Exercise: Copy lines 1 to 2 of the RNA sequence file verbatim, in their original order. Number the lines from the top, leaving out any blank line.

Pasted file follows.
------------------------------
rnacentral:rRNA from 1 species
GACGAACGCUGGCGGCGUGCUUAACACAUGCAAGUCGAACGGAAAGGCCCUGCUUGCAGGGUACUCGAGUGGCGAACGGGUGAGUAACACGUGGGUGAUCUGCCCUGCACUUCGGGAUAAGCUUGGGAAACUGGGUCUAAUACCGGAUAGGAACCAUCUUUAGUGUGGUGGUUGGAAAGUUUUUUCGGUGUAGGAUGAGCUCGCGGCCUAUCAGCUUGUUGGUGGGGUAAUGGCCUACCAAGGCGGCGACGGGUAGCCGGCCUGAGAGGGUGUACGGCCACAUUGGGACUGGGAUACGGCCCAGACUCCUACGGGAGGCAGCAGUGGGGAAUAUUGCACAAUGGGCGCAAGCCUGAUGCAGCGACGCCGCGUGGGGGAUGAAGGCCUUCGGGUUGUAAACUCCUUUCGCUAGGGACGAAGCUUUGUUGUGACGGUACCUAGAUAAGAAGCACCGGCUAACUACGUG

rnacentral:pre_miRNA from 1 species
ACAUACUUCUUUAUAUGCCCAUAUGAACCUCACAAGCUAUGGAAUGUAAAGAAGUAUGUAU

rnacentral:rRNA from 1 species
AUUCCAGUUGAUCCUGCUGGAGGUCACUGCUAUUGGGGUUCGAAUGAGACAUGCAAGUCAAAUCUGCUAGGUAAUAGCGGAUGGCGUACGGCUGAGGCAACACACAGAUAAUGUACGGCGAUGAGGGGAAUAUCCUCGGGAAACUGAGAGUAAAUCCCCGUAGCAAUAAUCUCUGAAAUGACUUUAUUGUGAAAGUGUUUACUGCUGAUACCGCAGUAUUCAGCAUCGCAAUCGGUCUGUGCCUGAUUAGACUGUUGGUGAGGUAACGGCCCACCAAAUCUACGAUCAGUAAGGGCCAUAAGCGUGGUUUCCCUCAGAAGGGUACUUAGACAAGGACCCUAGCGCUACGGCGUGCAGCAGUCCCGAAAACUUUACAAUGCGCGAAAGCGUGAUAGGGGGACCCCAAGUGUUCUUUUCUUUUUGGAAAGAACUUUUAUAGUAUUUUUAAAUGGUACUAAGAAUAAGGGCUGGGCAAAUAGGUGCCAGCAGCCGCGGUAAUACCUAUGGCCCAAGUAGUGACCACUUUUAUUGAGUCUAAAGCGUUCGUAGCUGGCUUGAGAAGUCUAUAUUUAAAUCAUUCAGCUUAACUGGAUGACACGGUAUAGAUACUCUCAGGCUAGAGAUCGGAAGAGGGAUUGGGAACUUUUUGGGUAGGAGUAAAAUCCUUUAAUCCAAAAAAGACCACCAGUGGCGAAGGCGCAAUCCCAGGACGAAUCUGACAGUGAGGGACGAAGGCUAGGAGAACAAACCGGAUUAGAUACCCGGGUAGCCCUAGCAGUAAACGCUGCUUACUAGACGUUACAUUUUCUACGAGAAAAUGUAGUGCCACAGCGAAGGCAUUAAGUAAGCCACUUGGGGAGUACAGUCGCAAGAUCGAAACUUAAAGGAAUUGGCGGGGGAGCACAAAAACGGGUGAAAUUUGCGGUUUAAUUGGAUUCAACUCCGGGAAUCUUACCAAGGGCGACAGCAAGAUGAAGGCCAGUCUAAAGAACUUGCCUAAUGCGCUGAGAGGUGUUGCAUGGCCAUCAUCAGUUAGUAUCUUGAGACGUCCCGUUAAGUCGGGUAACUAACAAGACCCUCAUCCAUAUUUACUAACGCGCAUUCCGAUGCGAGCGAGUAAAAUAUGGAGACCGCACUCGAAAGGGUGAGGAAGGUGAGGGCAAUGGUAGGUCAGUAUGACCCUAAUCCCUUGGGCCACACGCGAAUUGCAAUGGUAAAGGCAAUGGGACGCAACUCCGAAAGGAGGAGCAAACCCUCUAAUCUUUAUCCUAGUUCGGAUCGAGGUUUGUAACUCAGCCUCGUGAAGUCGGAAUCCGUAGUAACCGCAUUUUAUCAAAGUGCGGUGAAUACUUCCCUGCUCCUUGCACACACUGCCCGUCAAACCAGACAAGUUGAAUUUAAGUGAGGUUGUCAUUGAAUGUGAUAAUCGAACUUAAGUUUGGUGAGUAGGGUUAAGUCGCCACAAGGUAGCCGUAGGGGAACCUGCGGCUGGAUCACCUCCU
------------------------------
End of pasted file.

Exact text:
rnacentral:rRNA from 1 species
GACGAACGCUGGCGGCGUGCUUAACACAUGCAAGUCGAACGGAAAGGCCCUGCUUGCAGGGUACUCGAGUGGCGAACGGGUGAGUAACACGUGGGUGAUCUGCCCUGCACUUCGGGAUAAGCUUGGGAAACUGGGUCUAAUACCGGAUAGGAACCAUCUUUAGUGUGGUGGUUGGAAAGUUUUUUCGGUGUAGGAUGAGCUCGCGGCCUAUCAGCUUGUUGGUGGGGUAAUGGCCUACCAAGGCGGCGACGGGUAGCCGGCCUGAGAGGGUGUACGGCCACAUUGGGACUGGGAUACGGCCCAGACUCCUACGGGAGGCAGCAGUGGGGAAUAUUGCACAAUGGGCGCAAGCCUGAUGCAGCGACGCCGCGUGGGGGAUGAAGGCCUUCGGGUUGUAAACUCCUUUCGCUAGGGACGAAGCUUUGUUGUGACGGUACCUAGAUAAGAAGCACCGGCUAACUACGUG